Seven months ago, Congress enacted the Agriculture Improvement Act of 2018 (the 2018 Farm Bill). Although referred to as a farm bill, the implications for America beyond the farming community are significant. Most notably, as a consequence of the 2018 Farm Bill, hemp is no longer a controlled substance. But the fact that hemp is no longer a controlled substance does not take products that contain it out of federal regulation. The Food and Drug Administration (FDA) has regulated, and for the foreseeable future will continue to regulate, how these products can be marketed.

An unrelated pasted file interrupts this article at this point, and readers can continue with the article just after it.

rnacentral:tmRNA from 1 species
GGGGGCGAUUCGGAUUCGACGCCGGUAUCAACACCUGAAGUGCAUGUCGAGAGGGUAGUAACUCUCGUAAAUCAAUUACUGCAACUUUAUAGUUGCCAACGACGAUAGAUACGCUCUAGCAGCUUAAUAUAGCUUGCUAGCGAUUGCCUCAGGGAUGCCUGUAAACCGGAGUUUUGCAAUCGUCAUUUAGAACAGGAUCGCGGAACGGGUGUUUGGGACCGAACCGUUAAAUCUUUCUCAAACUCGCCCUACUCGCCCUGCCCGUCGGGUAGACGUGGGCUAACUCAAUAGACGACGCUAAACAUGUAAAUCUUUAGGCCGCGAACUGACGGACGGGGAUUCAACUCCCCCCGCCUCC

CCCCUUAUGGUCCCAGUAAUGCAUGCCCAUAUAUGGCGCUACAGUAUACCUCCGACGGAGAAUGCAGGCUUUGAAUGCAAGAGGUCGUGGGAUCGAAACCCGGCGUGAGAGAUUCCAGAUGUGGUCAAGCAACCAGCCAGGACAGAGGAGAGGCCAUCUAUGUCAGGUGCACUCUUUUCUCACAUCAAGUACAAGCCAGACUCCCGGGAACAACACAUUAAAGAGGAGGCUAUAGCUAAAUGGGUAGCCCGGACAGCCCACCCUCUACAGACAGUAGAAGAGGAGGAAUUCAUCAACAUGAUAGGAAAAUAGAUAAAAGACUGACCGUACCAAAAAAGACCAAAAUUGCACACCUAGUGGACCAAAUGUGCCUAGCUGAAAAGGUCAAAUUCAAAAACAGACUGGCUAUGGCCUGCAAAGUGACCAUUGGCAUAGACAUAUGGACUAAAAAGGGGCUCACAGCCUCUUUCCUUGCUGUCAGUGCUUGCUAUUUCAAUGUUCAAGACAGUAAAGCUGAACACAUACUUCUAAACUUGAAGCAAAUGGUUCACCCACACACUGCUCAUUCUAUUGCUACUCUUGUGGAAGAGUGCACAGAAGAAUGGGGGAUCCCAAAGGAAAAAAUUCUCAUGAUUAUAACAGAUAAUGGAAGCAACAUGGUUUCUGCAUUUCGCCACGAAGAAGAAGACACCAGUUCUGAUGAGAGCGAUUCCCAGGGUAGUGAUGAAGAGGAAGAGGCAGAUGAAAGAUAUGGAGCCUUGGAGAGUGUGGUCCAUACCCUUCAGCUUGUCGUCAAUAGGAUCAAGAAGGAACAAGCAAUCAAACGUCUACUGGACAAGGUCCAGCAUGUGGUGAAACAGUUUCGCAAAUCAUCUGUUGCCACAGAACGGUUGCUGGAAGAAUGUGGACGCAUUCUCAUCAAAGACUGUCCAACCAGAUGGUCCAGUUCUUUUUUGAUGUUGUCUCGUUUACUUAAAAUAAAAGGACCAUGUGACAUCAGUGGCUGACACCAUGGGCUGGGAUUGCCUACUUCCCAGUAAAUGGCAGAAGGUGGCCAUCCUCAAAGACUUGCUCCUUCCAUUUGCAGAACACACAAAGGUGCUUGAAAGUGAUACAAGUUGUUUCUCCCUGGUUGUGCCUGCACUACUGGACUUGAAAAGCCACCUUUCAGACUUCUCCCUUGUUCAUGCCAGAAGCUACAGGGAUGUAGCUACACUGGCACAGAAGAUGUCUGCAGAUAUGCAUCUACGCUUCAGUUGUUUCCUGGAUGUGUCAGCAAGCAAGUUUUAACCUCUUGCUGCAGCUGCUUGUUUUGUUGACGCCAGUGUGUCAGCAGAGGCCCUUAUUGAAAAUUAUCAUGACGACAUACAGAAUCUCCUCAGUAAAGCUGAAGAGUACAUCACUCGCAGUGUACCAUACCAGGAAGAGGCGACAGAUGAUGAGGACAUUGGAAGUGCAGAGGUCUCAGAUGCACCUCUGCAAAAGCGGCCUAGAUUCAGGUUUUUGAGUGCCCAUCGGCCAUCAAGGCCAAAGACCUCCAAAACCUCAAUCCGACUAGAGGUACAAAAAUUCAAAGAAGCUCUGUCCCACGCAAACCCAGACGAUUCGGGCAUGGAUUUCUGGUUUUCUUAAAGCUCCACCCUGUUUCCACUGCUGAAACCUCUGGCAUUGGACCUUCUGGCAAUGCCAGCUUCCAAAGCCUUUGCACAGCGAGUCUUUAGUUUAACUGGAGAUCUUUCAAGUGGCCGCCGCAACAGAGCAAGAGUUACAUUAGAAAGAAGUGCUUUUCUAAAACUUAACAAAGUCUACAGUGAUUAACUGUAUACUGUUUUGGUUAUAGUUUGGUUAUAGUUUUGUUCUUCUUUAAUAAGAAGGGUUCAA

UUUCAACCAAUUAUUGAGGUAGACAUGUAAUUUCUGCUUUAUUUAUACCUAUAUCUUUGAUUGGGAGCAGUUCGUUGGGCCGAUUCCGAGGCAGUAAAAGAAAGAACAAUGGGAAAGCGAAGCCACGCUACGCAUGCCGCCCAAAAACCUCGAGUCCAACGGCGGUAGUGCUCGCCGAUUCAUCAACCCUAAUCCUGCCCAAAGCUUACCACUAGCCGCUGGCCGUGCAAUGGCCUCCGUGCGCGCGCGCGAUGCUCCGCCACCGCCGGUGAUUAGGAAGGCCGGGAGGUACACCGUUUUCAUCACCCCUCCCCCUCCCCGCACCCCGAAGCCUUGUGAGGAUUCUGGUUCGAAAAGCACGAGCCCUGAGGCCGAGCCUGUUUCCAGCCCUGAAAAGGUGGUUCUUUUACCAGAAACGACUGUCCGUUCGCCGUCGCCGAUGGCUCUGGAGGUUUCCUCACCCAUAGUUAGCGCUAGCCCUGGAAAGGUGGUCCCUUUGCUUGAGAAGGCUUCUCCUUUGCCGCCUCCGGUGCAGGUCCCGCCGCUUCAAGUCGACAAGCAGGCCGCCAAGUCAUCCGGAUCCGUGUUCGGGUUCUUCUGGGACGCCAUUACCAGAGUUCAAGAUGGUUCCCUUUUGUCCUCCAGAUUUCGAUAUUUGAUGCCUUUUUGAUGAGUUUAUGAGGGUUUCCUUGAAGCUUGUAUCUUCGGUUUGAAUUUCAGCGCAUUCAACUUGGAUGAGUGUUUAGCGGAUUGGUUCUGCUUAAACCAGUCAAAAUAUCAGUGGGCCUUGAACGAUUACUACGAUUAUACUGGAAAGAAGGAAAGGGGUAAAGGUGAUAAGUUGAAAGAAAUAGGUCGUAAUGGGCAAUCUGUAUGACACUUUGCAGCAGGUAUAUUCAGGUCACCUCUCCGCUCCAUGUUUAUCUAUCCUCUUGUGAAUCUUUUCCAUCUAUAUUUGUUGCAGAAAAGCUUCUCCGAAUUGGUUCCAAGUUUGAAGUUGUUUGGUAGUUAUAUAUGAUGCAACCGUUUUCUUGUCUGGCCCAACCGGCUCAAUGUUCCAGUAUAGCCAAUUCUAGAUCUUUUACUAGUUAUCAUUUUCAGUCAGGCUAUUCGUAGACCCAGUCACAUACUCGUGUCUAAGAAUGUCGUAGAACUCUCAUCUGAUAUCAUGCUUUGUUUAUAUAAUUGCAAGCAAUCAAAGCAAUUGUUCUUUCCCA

The FDA does not currently have an established policy for products that contain hemp beyond its standard policies for addressing foods and drugs that are marketed to consumers. Mindful that there has been a recent proliferation of these type of products and states have been encouraging companies to bring these products to market, the FDA is now soliciting comments on how to treat products that contain hemp. However, the enactment of the 2018 Farm Bill did not halt the FDA’s practice of issuing warning letters to companies that it believes are improperly marketing their products in contravention of the Food, Drug, and Cosmetic Act (FD&C Act).
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